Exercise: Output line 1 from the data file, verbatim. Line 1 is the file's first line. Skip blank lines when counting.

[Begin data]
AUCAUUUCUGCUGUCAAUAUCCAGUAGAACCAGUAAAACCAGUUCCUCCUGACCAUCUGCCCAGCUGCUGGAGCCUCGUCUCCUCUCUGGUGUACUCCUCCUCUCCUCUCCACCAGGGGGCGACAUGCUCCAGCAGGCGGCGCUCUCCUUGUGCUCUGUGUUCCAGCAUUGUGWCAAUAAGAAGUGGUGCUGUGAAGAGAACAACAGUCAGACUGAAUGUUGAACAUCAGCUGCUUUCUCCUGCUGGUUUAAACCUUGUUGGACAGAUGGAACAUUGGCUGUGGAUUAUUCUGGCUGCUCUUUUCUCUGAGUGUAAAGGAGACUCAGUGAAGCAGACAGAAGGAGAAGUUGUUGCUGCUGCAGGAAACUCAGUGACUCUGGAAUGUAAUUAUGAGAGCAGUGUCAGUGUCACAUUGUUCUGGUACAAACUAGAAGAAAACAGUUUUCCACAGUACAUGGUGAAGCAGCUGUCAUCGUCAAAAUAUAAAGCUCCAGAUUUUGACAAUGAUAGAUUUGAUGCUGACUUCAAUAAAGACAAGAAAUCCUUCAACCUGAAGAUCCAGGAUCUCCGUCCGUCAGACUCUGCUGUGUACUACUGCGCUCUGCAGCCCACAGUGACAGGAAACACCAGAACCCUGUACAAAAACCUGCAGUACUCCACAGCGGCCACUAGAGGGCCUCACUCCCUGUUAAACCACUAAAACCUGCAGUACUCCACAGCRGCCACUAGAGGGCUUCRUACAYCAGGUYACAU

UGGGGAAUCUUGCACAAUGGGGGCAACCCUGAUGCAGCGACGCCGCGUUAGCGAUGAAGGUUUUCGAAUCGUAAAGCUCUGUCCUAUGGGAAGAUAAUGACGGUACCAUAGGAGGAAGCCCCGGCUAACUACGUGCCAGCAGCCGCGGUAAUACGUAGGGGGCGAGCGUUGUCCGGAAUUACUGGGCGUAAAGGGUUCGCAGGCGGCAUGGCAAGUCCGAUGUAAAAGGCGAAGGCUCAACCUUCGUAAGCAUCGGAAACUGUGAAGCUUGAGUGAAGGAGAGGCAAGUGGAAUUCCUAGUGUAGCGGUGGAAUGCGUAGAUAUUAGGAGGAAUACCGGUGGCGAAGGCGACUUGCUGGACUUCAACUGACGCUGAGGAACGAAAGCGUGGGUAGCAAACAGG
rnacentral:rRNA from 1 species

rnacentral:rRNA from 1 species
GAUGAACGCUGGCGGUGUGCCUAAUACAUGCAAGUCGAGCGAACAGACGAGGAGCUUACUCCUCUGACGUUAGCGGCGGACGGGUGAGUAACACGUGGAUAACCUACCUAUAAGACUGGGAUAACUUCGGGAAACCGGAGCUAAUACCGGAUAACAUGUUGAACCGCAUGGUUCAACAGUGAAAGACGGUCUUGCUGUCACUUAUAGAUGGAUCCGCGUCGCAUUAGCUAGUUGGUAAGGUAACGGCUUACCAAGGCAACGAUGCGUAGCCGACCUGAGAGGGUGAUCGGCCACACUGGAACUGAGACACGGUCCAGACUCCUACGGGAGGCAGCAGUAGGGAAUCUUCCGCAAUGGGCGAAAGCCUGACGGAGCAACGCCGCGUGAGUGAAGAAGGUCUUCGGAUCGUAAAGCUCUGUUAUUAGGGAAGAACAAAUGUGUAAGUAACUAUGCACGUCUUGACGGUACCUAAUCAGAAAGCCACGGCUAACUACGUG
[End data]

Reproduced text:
AUCAUUUCUGCUGUCAAUAUCCAGUAGAACCAGUAAAACCAGUUCCUCCUGACCAUCUGCCCAGCUGCUGGAGCCUCGUCUCCUCUCUGGUGUACUCCUCCUCUCCUCUCCACCAGGGGGCGACAUGCUCCAGCAGGCGGCGCUCUCCUUGUGCUCUGUGUUCCAGCAUUGUGWCAAUAAGAAGUGGUGCUGUGAAGAGAACAACAGUCAGACUGAAUGUUGAACAUCAGCUGCUUUCUCCUGCUGGUUUAAACCUUGUUGGACAGAUGGAACAUUGGCUGUGGAUUAUUCUGGCUGCUCUUUUCUCUGAGUGUAAAGGAGACUCAGUGAAGCAGACAGAAGGAGAAGUUGUUGCUGCUGCAGGAAACUCAGUGACUCUGGAAUGUAAUUAUGAGAGCAGUGUCAGUGUCACAUUGUUCUGGUACAAACUAGAAGAAAACAGUUUUCCACAGUACAUGGUGAAGCAGCUGUCAUCGUCAAAAUAUAAAGCUCCAGAUUUUGACAAUGAUAGAUUUGAUGCUGACUUCAAUAAAGACAAGAAAUCCUUCAACCUGAAGAUCCAGGAUCUCCGUCCGUCAGACUCUGCUGUGUACUACUGCGCUCUGCAGCCCACAGUGACAGGAAACACCAGAACCCUGUACAAAAACCUGCAGUACUCCACAGCGGCCACUAGAGGGCCUCACUCCCUGUUAAACCACUAAAACCUGCAGUACUCCACAGCRGCCACUAGAGGGCUUCRUACAYCAGGUYACAU